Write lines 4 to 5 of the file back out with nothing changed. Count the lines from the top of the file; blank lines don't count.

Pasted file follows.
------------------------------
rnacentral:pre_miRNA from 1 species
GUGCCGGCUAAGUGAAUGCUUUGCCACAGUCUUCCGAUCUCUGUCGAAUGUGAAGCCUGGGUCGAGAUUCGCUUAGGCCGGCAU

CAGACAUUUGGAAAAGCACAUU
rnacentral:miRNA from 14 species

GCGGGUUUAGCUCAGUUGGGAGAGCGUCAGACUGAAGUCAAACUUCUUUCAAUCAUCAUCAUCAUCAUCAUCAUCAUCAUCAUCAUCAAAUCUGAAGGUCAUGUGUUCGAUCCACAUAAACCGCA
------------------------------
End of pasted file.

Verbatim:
rnacentral:miRNA from 14 species

GCGGGUUUAGCUCAGUUGGGAGAGCGUCAGACUGAAGUCAAACUUCUUUCAAUCAUCAUCAUCAUCAUCAUCAUCAUCAUCAUCAUCAAAUCUGAAGGUCAUGUGUUCGAUCCACAUAAACCGCA